Venture capital (VC) is a type of financing provided by investors to startup companies and small businesses that are thought to have long-term growth potential. Venture capital is typically provided by wealthy investors, investment banks, and other financial institutions
How Does it Work?
Venture capital financing is funding provided to companies and entrepreneurs. It can be provided at different stages of their evolution, although it often involves Pre-Seed, Series A, Series B, Series C with all comes with different type of milestone that the entity which are being invested to had to achieve to get on with the next funding.
It does not, however, always take monetary form; it can also take the form of technical or managerial expertise. Venture capital is typically allocated to small businesses with exceptional growth potential, or to businesses that have grown rapidly and appear poised to expand further.
Though it can be risky for investors who put money up, the potential for above-average returns is appealing. For new companies or ventures with a short operating history (less than two years), venture capital is becoming a popular—even critical—source of funding, particularly if they lack access to capital markets, bank loans, or other debt instruments. The main disadvantage is that investors typically receive equity in the company and thus a say in company decisions.
Advantages And Disadvantages of Venture Capital
Venture capital is used to fund new businesses that do not have access to stock exchanges and do not have enough cash flow to take on debt. This arrangement can benefit both parties: businesses get the capital they need to get started, and investors get equity in promising companies.
A VC investment has additional advantages. VCs frequently provide mentoring services to help new companies establish themselves, as well as networking services to help them find talent and advisors. A strong VC backing can be used to fund additional investments.
A company that accepts VC funding, on the other hand, may lose creative control over its future direction. VC investors are likely to demand a large share of the company's equity, and they may also begin to make demands on the company's management. Many VCs are only looking for a quick, high-return payoff and may put pressure on the company to exit quickly. In the end, there is trade off to anything and it’s up to the founders to take the opportunity.
Venture Capital Process
The first step for any business looking for venture capital is to submit a business plan, either to a venture capital firm or to an angel investor. If interested in the proposal, the firm or the investor must then perform due diligence, which includes a thorough investigation of the company's business model, products, management, and operating history, among other things.
Since venture capital tends to invest larger dollar amounts in fewer companies, this background research is very important. Many venture capital professionals have had prior investment experience, often as equity research analysts; others have a Master in Business Administration (MBA) degree. Venture capital professionals also tend to concentrate on a particular industry. A venture capitalist that specializes in healthcare, for example, may have had prior experience as a healthcare industry analyst.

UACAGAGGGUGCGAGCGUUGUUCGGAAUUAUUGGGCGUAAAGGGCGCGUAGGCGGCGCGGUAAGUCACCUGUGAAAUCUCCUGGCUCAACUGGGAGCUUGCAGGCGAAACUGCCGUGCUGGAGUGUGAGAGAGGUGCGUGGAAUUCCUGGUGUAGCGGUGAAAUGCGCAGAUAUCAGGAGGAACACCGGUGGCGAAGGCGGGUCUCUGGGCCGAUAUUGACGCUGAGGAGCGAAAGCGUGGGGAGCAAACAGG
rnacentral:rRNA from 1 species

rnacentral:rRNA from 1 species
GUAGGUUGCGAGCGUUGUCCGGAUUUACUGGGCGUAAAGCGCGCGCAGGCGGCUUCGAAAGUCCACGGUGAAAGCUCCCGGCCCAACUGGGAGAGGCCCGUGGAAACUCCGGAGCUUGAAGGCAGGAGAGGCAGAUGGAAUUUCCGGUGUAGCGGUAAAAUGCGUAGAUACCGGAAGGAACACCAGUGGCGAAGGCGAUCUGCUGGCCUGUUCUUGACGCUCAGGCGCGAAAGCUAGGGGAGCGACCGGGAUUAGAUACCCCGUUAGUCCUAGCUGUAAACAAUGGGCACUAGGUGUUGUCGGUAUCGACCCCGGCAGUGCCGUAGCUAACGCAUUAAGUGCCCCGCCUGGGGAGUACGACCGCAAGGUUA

Once due diligence has been completed, the firm or the investor will pledge an investment of capital in exchange for equity in the company. These funds may be provided all at once, but more typically the capital is provided in rounds. The firm or investor then takes an active role in the funded company, advising and monitoring its progress before releasing additional funds. The investor exits the company after a period of time, typically four to six years after the initial investment, by initiating a merger, acquisition, or initial public offering (IPO).
The famous cab services Uber was able to raise a staggering $1.5 billion in venture capital funding. The company raised $1.2 billion in funding back in 2014 from a group of mutual fund managers and venture investors, including Fidelity Investments, Wellington Management, and BlackRock Inc. Uber was also able to raise an impressive $258 million from Google Ventures. The company isn’t just good at helping users hail cabs, it is also pretty good at raising money.
This popular photo-sharing app in which photos disappear just seconds after they’re opened was created by former Stanford students Evan Spiegel, Bobby Murphy, and Reggie Brown. The app isn’t just tremendously popular with the youth of America — it’s also popular with venture capitalists. It raised close to half a million in an initial seed round, and later raised 60 million in a funding round led by venture-capital firm Institutional Venture Partners. All in all, it has raised a staggering $486 million in investments. In February of 2015 Snapchat announced another round of funding, in which it raised a staggering $1.4 billion.
This online mobile photo-sharing and video-sharing site was developed in San Francisco by Kevin Systrom and Mike Krieger. In a little under a year and a half, it garnered over 100 million users, and quickly attracted the eye of many venture capitalists. Instagram raised $7 million in Series A funding from several different investors, including Benchmark Capital, Jack Dorsey, Capital fund, and Adam D’Angelo, which put the company at a value of $25 million. In a subsequent round of funding, they raised $500 million from venture capitalists, putting the company value around $25 million. Social media giant Facebook ended up purchasing the company for an impressive $1 billion dollars.